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SXSW announces midnight, shorts programs

Matthew Odam
'V/H/S,' which screened at the Sundance Festival, has drawn praise from SXSW programmer Jarod Neece.

South by Southwest announced its full slate of midnight and short films this week. The Midnighters program features genre films described by festival organizers as "scary, funny, sexy and controversial."

Highlighting the 11-film Midnighters program are "Intruders," the latest from "28 Days Later" director Juan Carlos Fresnadillo, and Ti West's "V/H/S."

West returns to SXSW after thrilling audiences with his character-driven horror "The Innkeepers" last year. West's latest movie stars SXSW veterans Joe Swanberg ("Alexander the Last"), Kate Lyn Sheil ("Silver Bullets") and Sophia Takal ("Green").

"'V/H/S' is a terrifying film with so many layers and is the best use of the anthology filmmaking I have seen in some time," SXSW Midnighters programmer Jarod Neece said. "It brought the house down at Sundance, and I'm so thrilled we get to show it to our SXSW audience."

The shorts program features 135 films, including many with Texas ties. University of Texas lecturer and "Winnebago Man" director Ben Steinbauer will screen his documentary short "Brute Force," which tells the story of the obscure Apple Records artist. Fellow UT lecturer Kat Candler, fresh off of her world premiere at the Sundance Film Festival, will show her narrative short film "Hellion." Galveston resident Kelly Sears also made the trip to Sundance and brings her imaginative and scary animated short "Once It Started It Could Not End Otherwise." Austinite Don Hertzfeldt, who received an Oscar nomination in 2001 for his animated short "Rejected," will screen his latest, "it's such a beautiful day." A 2009 graduate of UT's Radio, Television and Film program, Randall Hopkins will screen his animated short "Giraffe Danger."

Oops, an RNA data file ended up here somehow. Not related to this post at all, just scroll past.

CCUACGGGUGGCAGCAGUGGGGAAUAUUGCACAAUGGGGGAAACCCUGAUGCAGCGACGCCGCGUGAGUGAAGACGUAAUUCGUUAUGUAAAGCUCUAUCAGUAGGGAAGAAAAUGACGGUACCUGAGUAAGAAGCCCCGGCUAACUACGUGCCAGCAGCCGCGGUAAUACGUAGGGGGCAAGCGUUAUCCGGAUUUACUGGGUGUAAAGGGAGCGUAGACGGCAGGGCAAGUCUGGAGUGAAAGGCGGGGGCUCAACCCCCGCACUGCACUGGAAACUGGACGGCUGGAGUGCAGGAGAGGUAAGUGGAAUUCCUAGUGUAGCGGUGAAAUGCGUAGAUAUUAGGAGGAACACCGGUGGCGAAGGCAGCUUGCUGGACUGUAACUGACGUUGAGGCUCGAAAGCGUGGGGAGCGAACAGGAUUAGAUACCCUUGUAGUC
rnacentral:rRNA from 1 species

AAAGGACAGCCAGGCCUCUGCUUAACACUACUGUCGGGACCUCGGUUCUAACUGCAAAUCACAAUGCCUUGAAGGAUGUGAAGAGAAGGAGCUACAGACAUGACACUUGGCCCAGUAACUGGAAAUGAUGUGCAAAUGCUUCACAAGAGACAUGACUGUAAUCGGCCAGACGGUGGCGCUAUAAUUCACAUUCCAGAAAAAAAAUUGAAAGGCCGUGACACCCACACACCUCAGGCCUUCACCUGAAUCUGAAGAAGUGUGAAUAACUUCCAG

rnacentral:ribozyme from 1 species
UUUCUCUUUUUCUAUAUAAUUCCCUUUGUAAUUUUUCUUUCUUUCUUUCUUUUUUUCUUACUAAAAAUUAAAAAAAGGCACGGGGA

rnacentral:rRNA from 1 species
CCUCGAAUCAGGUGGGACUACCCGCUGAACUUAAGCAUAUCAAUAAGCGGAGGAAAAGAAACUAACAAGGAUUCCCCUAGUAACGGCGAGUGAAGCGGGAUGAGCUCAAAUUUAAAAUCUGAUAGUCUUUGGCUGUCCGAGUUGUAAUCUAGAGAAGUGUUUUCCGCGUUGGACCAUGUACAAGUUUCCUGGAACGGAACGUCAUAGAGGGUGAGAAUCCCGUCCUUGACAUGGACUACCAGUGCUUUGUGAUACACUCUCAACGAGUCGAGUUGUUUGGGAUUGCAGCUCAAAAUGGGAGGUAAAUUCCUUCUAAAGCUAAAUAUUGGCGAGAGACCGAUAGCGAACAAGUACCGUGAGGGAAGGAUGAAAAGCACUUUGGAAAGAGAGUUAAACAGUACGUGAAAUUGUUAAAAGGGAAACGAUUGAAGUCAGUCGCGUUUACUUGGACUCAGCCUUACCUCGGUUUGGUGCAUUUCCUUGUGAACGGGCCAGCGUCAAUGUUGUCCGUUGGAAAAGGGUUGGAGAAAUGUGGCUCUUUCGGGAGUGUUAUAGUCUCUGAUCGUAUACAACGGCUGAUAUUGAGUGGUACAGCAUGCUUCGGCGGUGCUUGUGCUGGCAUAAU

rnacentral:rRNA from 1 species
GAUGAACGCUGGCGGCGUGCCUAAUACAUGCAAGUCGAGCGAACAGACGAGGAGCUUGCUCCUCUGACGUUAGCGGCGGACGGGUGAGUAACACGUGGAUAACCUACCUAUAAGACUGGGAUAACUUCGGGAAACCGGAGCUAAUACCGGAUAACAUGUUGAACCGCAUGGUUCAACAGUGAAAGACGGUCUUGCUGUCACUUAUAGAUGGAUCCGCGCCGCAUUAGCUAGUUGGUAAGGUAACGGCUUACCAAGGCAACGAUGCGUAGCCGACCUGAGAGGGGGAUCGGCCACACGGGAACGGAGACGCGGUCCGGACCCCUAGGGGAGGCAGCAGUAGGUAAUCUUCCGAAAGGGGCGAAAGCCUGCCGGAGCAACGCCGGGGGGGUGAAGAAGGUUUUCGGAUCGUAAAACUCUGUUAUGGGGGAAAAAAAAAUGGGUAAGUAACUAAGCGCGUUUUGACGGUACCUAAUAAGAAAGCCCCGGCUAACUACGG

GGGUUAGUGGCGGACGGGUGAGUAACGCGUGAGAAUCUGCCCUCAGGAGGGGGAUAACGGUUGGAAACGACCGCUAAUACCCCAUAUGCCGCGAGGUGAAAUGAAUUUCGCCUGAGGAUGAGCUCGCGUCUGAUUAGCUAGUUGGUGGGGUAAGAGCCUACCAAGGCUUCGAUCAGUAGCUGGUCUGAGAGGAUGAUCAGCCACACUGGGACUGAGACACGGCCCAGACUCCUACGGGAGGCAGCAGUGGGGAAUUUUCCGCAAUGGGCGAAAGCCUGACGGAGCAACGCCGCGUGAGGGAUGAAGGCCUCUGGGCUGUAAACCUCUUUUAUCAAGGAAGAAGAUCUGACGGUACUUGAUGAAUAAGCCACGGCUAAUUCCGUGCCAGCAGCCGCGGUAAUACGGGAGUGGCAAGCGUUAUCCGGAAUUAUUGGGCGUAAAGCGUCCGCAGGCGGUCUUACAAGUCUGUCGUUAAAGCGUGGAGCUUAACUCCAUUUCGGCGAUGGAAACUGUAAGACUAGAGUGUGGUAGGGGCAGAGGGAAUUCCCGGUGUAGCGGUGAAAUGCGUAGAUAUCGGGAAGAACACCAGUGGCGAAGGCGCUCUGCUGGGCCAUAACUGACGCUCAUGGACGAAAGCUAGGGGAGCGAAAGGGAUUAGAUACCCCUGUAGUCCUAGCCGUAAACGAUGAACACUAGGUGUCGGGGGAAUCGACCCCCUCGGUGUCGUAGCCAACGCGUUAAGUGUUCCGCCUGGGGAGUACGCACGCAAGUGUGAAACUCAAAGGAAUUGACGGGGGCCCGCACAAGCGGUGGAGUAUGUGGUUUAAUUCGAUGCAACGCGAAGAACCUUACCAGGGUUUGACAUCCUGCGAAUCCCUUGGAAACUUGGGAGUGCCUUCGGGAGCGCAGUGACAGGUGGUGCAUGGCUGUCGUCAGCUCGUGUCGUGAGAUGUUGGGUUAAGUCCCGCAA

"Merman," which screens in the midnight shorts program, is the work of current UT film student Jono Foley.

Other short film highlights include "J.P.B.F.," a raunchy short from former Austinite Steve Collins, whose dark comedy "You Hurt My Feelings" made quite a bit of noise on the festival circuit last year. The short stars Austinite John Merriman, who played the lead in "You Hurt My Feelings."

In addition to the animated, live-action narrative, documentary and midnight shorts, SXSW shines a light on local talent with the Texas Shorts and Texas High School Shorts categories.

"The Texas High School Competition started as a way to support the community and the next generation of filmmakers in Texas, and this was the most obvious (and fun!) way," shorts programmer Claudette Godfrey said. "We get an increase in both the quality and number of submissions every year — this year we received about 160 submissions. These students have talent and we love that we can help them cultivate it. I know that SXSW can be a life-changing experience, and that's what we hear from the students, teachers and parents."; 912-5986